Hand is still a mess, still working on getting treatment.
Toe-in and cant are standard.
Hand is still a mess, still working on getting treatment.
Toe-in and cant are standard.
And here I am thinking I'll tell you...
Searching for new #'s for the next MLB.
Ah, with reverence to moving the quad rears closer to the thruster mark.
Robbed you on this!
Just a few adjustments.
As I laid it out
I caught a glimpse of Elliott.
I would rather be someone's shot of whiskey, than everyone's cup of tea.
LiveThe Moment, fill us in and feed the stoke!
jus' can't help myself!
It's the "Bugs Club"
I know these are crummy and $$$ days.
Pre-op tomorrow, surgery on monday, hoping for the best! Finger bone damage a tricky thing, similar to back surgery there are lots of horror stories out there. Most likely never be the same, but hope to get everything at least in operating order.
Went to work today, my daughter came with me as helper, glad I trained her right, the little girl can work! She and her husband off to distant parts soon, so I'm glad I have her now for a few weeks.
We all know this is EERB or the dark side.
You seem to be thinking a functional "fun" shape with quads.
Don't confuse this as a challenge...
But my take is this,
Why, go with the main stream?
Not the outline, although...
I'm saying quad set up.
Moreover I know for a fact, that you are very aware as to toe in.
And you are of a like mind in exactly where "those" lines intersect.
I feel more like Grif, in so much the some had it figured out way before the standard of
McKee/Hanalei stuff addressing toe in “standards”
“Rules were made to be broken” is what I believe.
And anyway, yeap I have messed with toe in
And more importantly cant.
The search is just this…
Make a quad react like a truster
Rail to rail it is the stuff on which I thrive.
Want ‘a collaborate?
Come on over to the dark side Bro.
“Why make boards like everybody else”
Search, seek and advance…
LTM - thanks, that's not my x-ray. Mine looked worse, but better now, with a steel pin holding things in place while I heal.
Mattwho - sure, I'm open to any advice / suggestions you'd care to share, would love to try concave on my next shape, and fins an open topic as well.
Upon my return to this business
I reviewed volumes of info.
never mind the template for now!
And I quote:
"Four fins are faster than tri fins.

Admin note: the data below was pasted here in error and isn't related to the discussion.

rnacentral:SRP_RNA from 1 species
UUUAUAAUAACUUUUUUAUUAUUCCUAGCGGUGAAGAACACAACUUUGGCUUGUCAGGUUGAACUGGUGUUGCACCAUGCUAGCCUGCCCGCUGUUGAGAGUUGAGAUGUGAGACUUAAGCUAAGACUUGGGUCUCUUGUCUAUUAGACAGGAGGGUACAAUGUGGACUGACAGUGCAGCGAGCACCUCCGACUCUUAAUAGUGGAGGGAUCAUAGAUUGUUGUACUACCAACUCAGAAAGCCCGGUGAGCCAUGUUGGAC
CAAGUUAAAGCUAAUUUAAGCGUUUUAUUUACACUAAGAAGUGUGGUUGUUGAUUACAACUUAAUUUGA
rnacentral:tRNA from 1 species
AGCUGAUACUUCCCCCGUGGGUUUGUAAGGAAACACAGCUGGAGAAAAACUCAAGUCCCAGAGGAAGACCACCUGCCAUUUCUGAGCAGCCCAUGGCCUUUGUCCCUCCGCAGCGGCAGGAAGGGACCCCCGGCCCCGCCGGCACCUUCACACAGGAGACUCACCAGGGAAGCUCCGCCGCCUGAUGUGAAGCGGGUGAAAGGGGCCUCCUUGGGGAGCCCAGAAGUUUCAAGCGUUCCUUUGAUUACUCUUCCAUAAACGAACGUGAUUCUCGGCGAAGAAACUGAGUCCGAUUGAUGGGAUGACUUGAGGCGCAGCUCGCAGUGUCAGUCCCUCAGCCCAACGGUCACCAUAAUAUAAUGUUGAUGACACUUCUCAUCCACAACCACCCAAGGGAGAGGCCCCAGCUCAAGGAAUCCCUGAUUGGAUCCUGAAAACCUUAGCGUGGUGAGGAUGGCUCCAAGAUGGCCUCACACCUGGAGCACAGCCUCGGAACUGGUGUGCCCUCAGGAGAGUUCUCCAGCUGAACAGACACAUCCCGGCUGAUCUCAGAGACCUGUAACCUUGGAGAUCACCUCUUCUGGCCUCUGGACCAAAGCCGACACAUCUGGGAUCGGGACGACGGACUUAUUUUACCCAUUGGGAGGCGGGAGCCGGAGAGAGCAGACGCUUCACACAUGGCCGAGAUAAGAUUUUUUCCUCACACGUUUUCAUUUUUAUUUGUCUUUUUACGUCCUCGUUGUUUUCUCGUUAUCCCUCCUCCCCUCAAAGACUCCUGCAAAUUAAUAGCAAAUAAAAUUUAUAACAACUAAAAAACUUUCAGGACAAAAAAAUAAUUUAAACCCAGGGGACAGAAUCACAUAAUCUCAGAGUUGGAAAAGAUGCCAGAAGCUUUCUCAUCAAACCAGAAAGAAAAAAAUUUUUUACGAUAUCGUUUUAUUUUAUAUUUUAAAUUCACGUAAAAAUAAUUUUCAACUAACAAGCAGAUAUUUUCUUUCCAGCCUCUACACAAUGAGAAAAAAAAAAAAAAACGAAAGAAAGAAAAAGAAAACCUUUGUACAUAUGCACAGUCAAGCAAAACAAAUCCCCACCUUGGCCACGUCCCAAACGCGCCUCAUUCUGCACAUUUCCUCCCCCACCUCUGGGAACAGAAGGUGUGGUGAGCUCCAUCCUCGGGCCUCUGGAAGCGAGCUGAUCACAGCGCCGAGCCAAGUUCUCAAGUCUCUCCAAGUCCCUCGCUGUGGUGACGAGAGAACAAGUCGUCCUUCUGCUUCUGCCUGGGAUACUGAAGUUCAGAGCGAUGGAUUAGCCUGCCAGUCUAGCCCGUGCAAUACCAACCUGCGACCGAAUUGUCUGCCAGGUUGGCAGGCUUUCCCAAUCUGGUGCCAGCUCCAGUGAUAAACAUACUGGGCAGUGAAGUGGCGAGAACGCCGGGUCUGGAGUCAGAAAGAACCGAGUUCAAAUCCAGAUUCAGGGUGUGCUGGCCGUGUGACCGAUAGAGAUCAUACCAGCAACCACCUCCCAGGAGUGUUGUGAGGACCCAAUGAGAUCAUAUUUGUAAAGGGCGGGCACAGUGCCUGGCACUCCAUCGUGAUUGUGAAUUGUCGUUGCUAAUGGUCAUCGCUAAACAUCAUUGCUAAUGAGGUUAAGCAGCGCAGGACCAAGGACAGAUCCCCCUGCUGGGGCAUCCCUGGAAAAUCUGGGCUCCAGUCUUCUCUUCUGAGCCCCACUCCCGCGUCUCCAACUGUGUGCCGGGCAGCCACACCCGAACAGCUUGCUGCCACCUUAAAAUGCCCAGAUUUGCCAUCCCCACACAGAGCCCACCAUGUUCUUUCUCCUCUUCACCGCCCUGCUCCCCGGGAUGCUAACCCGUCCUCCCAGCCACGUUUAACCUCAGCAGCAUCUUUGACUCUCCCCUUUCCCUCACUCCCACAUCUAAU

Four Fins are looser than tri fins.
Four fins ride the barrel higher and tighter than a tri fin.
They drop in easier.
They come out of the gate quicker.
Accelerate on cutbacks.
Do better airs.
Can be ridden shorter.
Draw new and different lines.
So why isn't every surfer on the planet riding one?
It's all Hype?
The pros don't so I won't?
Maybe shapers don't have it right...yet?
Perhaps if there were a ubiquitous effort, a Manhattan Quad Project, the design would evolve at a faster rate and all would enjoy the benefits.
Sorry, somebody has to win a major friggin contest on one first. (Biggest win? CJ won the Body Glove Surfbout on a quad in '07.)
So at this point, who seems to like them and who doesn't? And why?
Typical first impression of a quad is this: fast and loose, but not confident without something directly under the back foot. It takes a few sessions to trust the setup -- and run with the positive attributes.
The lack of an auto-centering sensation seems to be a common complaint from most detractors. Without a center fin, a lot of surfers miss the instant feedback from the back foot and the ability to do quick adjustments. With quads there is an information gap in rail change that varies widely depending on fin (rear especially) position.
Backhand performance is also a concern of 3-fin loyalists. Going heelside, the rider delivers more power through the rear foot and specifically the heel. Visualize foot angle and where the energy is going...for most surfers pretty much in line with the rear fin, three inches and change from the back end.
Early days of the 3-fin, I'd put rear fins way back on some rider's tail blocks. It was necessary to do this to keep more powerful, rear-foot surfers from blowing their tails out on acute direction changes. Occy's were set at 2 3/4" and some of Tom Carroll's trailers were as far back as 2" from the end of the board. As rockers and outlines evolved, the rears crept up to 3 1/4" to 3 1/2" on an average shortboard.